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step. >> this generational story is interesting. there has been a bunch of journalism done where families the mother or grandmother are for hillary and the son is for bernie sanders. eric garner, his mother for hillary, his daughter is for sanders, openly. there is no doubt that younger african-american voters here are more attracted to sanders, and if he has any traction with that con st constituen constituent see, if he wins, but african-american young people, under 30, under 40, is that suggest can claim as a moral victory if you're bernie sanders. >> it's interesting what it tells us about the generation, because they're more than racial politics as it were. what does that mean for the future? is it more -- i mean, we -- we don't understand how this generation self-identifies and this could be a window into that. >> alex wagner, brilliant as
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wuls. >> brilliant as usual. >> comical. >> exceptionally brilliant. >> great to be here. we'll be right back with who won the day. and drifted off into the twilight. and when we woke, we found that the whole world had reinvented itself. sail with princess cruises, the best cruise line in europe. limited 7-day mediterranean fares from $999. call your travel consultant or visit princess.com. princess cruises. come back new. it's my job and it's i takealso my passion.rises. but with my back pain i couldn't sleep... so i couldn't get up in time. then i found aleve pm. aleve pm is the only one to combine a sleep aid plus the 12 hour pain relieving strength of aleve. and now... i'm back.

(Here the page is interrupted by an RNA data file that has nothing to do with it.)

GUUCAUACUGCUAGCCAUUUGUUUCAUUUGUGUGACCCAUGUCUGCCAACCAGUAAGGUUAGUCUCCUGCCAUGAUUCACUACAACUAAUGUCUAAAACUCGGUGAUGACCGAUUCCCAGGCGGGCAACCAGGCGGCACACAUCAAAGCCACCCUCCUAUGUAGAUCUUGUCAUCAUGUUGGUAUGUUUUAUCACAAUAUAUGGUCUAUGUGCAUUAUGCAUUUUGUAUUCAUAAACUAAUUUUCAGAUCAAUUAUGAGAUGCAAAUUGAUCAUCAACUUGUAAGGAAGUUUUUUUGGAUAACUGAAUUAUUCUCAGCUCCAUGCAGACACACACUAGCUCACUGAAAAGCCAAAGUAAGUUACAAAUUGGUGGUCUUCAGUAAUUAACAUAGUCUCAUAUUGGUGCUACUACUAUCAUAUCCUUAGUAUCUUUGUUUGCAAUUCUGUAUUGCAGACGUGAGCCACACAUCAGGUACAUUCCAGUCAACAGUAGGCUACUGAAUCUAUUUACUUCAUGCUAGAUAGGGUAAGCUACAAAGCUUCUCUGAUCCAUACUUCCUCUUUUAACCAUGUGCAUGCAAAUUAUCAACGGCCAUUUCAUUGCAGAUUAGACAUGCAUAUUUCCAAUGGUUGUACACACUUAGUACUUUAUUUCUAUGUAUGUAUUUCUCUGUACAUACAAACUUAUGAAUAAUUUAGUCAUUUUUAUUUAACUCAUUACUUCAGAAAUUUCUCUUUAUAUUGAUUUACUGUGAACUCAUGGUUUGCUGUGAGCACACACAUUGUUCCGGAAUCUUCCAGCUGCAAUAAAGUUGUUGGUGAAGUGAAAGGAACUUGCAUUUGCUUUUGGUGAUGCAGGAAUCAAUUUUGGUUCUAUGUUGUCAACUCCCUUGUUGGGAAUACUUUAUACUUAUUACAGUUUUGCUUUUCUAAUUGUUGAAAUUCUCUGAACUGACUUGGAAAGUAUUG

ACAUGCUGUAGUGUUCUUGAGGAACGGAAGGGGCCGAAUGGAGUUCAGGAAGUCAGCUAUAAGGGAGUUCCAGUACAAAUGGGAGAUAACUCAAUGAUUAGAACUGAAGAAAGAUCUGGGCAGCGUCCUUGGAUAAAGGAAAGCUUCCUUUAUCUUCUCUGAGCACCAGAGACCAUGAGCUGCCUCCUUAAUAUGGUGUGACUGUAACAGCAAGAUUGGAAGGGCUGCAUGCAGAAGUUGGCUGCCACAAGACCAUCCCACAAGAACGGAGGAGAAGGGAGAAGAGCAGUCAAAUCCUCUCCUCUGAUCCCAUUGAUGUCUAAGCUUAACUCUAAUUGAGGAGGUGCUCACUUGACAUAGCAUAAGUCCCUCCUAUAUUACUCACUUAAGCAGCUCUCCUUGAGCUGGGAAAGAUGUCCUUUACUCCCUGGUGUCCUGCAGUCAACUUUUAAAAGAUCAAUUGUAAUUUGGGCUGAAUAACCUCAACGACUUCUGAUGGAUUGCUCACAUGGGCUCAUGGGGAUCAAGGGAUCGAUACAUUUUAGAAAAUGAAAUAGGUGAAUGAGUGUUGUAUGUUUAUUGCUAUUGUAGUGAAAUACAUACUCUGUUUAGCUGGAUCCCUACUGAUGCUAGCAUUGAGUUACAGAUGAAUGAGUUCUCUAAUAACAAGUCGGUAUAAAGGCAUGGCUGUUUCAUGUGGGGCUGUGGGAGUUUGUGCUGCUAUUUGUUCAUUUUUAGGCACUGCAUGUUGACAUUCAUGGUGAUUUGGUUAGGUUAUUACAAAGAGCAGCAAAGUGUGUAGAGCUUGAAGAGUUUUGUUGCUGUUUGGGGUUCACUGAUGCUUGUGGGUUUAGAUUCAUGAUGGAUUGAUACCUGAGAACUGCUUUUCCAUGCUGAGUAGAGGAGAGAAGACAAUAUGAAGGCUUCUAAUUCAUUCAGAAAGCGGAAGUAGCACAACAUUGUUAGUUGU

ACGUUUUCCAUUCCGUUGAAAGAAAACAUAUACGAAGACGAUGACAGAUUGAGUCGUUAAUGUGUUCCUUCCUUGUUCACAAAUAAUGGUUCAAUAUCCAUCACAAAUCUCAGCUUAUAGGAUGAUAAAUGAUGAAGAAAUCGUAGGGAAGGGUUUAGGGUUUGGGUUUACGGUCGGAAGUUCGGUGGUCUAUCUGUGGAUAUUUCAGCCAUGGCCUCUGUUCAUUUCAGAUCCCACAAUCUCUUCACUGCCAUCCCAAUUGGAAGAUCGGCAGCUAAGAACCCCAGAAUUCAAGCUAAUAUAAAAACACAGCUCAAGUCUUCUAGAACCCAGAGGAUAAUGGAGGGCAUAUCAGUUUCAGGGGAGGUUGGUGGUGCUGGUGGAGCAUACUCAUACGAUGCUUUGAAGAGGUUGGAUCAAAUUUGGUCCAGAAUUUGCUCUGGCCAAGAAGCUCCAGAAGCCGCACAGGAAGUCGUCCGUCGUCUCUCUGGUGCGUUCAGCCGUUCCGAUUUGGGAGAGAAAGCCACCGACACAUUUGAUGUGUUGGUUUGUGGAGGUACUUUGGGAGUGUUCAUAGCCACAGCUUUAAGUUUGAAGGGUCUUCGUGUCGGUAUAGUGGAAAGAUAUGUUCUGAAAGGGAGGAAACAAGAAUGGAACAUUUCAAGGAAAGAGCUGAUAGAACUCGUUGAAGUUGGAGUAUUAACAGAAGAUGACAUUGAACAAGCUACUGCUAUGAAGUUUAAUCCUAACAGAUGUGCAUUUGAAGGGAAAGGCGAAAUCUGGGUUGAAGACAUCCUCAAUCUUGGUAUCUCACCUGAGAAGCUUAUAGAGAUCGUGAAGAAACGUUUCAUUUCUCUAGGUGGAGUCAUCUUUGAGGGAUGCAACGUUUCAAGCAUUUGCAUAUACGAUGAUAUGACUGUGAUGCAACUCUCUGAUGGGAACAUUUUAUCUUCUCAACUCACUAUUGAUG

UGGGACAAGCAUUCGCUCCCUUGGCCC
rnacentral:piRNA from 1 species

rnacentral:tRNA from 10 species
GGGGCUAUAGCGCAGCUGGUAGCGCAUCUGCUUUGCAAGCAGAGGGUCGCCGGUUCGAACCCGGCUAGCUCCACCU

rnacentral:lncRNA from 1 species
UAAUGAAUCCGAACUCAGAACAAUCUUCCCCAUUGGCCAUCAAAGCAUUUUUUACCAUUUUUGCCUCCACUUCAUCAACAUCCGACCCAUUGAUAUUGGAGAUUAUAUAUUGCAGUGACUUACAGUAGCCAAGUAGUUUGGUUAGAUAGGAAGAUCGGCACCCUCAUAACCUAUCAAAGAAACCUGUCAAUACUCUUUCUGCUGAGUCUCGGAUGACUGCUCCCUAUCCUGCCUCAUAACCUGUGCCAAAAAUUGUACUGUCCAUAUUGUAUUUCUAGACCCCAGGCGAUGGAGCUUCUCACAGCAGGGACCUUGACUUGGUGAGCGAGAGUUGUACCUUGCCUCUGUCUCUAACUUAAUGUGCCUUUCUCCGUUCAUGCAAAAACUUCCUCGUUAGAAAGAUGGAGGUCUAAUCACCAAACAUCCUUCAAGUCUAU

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mark, i'm here in eastern time, where the day is basically over. you're on pacific time where it is not. but i have the privilege and pleasure of ask who won the day? >> the two front-runners, everyday that passes and no one lays a glove on hillary clinton or donald trump, they win. others may have good days, but. >> i think donald trump won this day so big time, like if you can get away with making basically, like again, a little bit of i colloqual humor, i don't get to be on cable news all day long. donald trump, master of the media. he wins the day. check out bloomberg
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politics.com. for the latest on nevada, thanks in south carolina for hosting us. >> we'll have all the results from here. sayona sayonara. coming up "hardball with chris matthews" with chris matthewmat. could be a bad night for the trumpers. let's play "hardball." good evening, i'm chris m t m.a.a. matthewts. ted cruz and marco rubio made their closing arguments today, in other words, making their case against donald trump. >> frustration is not a plan. being angry is not a plan. it doesn't solve the problems. this election can't be just about making a point. it can't be about electing the